Hmm, those last two might not really be applicable, but my point is that the idea of a game being able to edify gamers on what still seems to be an arcane, esoteric subject to most people, and doing so in a familiar Zelda-esque gameworld, is an utterly fantastic concept for a game. So why the hell didn't I vote for it? Simply because I could tell early on that it was already pulling ahead of the rest of the games in votes and wanted to give other games that needed more help a chance to get into the top four! (I'm such a commie.)

Spacebase DF-9: Not sure how to articulate my criticism for this one considering it wound up in second place, and JP LeBreton seems like a lovely person and clearly wears great sweaters, but I guess the best way would be by saying that throughout my entire life I've had zero interest in "The Sims," "SimCity," "Spore," or any other "God game." I fully understand why a lot of other people like them/get into them, and I greatly respect the people who make them since it seems like an insane undertaking, but the thought of sitting in a room and trying to simulate real-life scenarios in micro and macro environments for 60+ hours just seems like... well, a waste of time. I'd rather donate to Charity: Water or drive to New York and help people in the aftermath of Sandy or do anything that would have a tangible effect in the real world than simulate those same kind of results in a game. (Ha, let's be honest, I'd just rather waste my time doing another sedentary activity like watching the ouevre of the Coen brothers and the top thirty greatest silent films or read, like, a book or something. Have you heard of a guy named Dostoyevsky? I guess he wrote a novella about some brothers who travel to a magical land called Karamazov or something like that. It's supposed to be "okay.")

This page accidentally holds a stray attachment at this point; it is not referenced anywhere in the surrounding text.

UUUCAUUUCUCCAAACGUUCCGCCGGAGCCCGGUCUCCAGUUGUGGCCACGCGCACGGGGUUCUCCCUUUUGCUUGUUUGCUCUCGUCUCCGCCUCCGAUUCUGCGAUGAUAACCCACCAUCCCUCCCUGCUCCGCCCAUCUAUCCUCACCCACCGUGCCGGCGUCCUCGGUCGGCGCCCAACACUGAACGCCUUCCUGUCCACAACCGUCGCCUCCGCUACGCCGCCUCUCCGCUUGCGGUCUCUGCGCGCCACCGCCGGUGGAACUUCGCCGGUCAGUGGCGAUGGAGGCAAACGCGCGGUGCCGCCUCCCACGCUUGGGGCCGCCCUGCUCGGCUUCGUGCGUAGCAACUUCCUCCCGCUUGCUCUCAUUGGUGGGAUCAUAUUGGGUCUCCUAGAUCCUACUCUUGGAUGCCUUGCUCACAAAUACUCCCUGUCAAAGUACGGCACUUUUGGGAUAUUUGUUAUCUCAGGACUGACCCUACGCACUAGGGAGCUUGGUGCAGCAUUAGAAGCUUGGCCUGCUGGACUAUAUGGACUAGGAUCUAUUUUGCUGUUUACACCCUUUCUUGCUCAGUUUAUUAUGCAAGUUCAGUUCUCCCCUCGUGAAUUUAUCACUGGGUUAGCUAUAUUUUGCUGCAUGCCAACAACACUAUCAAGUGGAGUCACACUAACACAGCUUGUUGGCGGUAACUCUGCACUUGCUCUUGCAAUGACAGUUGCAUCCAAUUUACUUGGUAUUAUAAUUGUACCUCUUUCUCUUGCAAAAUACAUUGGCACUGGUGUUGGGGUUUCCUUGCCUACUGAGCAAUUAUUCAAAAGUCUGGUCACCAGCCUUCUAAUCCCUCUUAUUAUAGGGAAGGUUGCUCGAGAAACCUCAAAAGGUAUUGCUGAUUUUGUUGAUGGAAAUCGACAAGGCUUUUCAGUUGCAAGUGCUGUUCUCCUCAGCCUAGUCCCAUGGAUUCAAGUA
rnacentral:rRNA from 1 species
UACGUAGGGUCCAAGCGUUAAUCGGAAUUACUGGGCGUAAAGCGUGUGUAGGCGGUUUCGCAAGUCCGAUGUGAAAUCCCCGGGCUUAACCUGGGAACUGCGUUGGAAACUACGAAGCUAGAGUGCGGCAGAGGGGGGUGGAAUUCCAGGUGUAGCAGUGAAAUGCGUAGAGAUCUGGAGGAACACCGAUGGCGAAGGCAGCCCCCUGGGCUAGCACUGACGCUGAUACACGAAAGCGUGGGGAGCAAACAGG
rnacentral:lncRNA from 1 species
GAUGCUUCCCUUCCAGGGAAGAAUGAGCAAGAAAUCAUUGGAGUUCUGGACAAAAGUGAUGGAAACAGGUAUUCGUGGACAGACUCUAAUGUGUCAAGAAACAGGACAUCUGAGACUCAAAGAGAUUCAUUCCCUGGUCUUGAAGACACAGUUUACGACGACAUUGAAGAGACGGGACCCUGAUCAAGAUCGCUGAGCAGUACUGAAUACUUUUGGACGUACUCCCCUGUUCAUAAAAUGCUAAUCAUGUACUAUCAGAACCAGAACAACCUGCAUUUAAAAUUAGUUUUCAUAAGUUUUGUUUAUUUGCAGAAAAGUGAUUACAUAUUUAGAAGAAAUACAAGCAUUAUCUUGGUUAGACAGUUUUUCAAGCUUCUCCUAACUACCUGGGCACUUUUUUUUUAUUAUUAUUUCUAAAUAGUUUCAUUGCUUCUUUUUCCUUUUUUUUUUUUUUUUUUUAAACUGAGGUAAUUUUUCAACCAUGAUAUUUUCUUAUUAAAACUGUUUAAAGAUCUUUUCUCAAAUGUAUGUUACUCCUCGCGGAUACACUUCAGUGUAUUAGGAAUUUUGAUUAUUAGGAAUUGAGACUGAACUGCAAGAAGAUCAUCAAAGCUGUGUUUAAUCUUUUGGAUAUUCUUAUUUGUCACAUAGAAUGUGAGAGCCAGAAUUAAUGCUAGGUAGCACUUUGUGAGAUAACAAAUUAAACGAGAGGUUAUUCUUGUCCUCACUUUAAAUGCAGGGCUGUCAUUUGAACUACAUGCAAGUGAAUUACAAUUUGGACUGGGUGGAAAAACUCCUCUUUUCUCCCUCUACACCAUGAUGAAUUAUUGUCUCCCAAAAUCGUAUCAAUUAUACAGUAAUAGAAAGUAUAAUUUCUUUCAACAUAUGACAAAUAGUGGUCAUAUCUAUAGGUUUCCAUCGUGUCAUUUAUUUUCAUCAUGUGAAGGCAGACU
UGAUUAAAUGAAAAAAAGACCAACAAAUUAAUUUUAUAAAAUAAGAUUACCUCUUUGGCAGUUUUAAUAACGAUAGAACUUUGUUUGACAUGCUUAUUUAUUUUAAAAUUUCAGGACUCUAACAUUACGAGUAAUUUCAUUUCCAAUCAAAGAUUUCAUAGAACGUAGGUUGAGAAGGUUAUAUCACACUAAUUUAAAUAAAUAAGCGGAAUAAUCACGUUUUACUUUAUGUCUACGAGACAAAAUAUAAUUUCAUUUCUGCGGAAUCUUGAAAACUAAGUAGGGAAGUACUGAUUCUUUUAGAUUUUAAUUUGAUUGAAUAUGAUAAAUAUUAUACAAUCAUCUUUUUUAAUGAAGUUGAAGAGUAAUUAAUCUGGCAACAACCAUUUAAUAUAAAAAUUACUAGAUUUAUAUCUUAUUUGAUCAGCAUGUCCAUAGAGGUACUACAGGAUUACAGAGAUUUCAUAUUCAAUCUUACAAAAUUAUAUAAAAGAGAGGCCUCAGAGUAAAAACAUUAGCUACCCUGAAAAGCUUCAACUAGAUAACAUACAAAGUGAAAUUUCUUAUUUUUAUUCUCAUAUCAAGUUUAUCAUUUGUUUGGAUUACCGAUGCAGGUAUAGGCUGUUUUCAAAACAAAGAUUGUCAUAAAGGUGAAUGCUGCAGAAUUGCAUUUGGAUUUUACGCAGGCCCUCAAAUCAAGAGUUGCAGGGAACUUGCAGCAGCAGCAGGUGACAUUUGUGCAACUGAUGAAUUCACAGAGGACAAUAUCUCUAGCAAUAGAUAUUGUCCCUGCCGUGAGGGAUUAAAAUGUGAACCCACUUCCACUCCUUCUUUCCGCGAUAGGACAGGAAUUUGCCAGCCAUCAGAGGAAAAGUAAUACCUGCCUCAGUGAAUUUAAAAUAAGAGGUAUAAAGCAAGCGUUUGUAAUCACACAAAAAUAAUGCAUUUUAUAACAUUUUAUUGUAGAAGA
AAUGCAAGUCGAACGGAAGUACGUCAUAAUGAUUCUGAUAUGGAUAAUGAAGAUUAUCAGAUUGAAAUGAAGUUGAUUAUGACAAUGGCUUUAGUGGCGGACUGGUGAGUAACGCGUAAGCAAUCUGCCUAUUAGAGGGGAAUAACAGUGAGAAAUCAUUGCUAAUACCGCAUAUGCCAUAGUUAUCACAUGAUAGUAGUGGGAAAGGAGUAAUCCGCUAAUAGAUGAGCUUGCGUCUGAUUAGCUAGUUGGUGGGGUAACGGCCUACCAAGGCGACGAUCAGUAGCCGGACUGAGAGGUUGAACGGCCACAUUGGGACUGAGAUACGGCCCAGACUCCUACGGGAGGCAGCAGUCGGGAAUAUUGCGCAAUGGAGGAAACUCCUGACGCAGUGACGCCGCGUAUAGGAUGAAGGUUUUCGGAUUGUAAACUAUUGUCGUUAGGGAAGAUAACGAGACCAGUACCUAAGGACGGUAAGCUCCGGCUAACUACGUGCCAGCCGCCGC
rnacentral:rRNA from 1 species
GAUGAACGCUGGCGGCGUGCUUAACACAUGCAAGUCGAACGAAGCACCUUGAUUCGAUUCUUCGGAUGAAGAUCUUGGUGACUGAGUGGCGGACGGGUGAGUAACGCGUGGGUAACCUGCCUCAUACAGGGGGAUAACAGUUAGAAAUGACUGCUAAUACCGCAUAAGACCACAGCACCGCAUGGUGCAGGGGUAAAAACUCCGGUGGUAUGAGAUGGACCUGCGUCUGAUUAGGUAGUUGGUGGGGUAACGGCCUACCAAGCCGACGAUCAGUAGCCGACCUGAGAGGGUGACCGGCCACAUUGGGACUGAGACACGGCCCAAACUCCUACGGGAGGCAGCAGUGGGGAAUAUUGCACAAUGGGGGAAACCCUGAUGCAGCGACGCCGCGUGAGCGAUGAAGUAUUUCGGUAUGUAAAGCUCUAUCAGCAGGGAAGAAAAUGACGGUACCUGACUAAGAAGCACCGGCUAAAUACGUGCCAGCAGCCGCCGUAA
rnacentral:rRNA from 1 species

Autonomous: Man, this one sounds pretty fantastic. And I loved the grainy VCR look of the pitch video, and that high-pitched robotic 80s sound effect applied to Lee Petty's voice. (Or does he spend hours doing guttural exercises in order to achieve this sound effect? One can never be sure.) My only criticism would be that if the "80s-inspired" part of it becomes a focal point and a visual style that you really try to precisely replicate, then perhaps some of that could be kind of cheesy/uninspired, unless the game goes out of its way to poke fun at itself and its 80s-ness in a well-done, restrained, meta way. (Am I saying that anything involved with the 80s was cheesy? What an original and outlandish statement to make!) The design of the Automatons and the concept art showing an overview of presumably one of the levels/maps all looked fantastic and not cheesy, so perhaps my worries are unfounded. (Although I will say it might get kind of boring if every level/map and all of the objects in the world have purple highlights/accentuations--try to mix up the color palette a little bit!) Another way of explaining what I just said would be: as of now it seems like some of your reference points for the visual style are "Back to the Future," "Tron," The Terminator," "Robocop," and "Labyrinth," and I personally think it might benefit from some more "Brazil," "Time Bandits," "Nausicaa," "Blade Runner," and "Akira." Also, once again, I didn't vote for this simply because it became obvious it was going to make it in the top four and I wanted to give other games a chance.